It’s that wonderful time of the year again. What’s so wonderful about gloomy skies and constantly lower than anticipated temperatures day-in and day-out, you ask? College basketball and March Madness. The time of year everyone seemingly becomes a college basketball expert in a matter of minutes and others pledge their allegiance to a school they’ve been a fan of “since they can remember” is upon us, and we’re right in the thick of it.
Attending a Division III school and technically not having a team to root for in the tournament creates an interesting dynamic, though. We live in a state that sent three teams to the NCAA tournament this year, but none of us actually attend those schools. So is it acceptable to cheer on a school you don’t go to, don’t pay tuition to, and maybe never even had any desire to attend?
Yes, it is perfectly acceptable. I grew up 15 minutes away from the University of Michigan for the vast majority of my life, so, needless to say, I grew up a die-hard Michigan Wolverine fan. I went to countless football, basketball, hockey and soccer games as a kid and I always wanted to attend the University of Michigan, but I chose to attend a different college when it came down to decision time.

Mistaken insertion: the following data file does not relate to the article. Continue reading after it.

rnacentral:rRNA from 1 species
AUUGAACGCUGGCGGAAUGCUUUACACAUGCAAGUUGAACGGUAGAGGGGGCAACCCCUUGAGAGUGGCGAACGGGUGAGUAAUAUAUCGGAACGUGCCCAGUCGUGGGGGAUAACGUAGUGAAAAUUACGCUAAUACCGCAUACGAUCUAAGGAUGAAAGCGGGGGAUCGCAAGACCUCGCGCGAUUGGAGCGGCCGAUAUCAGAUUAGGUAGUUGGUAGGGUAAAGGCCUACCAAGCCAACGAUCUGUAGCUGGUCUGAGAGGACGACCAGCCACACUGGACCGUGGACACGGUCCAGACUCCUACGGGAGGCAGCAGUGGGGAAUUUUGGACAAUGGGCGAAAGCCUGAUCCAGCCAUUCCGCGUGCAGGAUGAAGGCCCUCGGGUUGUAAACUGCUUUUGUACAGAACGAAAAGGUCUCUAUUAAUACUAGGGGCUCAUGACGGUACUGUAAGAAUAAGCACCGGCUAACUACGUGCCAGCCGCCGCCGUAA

The way I see it, we have the best of both worlds at Albion. Being such a small campus and such a tight-knit community, we get to cheer for some of our best friends on the field and on the court. We’re much more connected with the athletes that represent our school than many of the students that attend large Division I institutions.
Don’t get me wrong, many students at Division I schools are extremely passionate about their athletic programs, but how many of them have the opportunity to wait around after a game and give their friends a high-five after a thrilling overtime victory, or, on the contrary, give them a hug after a crushing loss? My guess would be not many.
While we may not have the crazy tailgating experiences that bigger schools provide their students before home football games, we do get to celebrate with all of the athletes we know personally here on campus after our games. And, after our Albion athletic competitions are over, we can still sit down and watch the Division I athletes from our favorite programs compete.
Tonight, there’s no doubt you can find me planted in front of a TV at 7:15, cheering on the maize and blue as they look to advance to the Elite Eight for the second time in as many years, but you can also be damn sure I’ll be cheering on the Albion men’s and women’s lacrosse teams even harder tomorrow afternoon.
I’ll forever say go blue. But more importantly, go Brits.
Photo via Flickr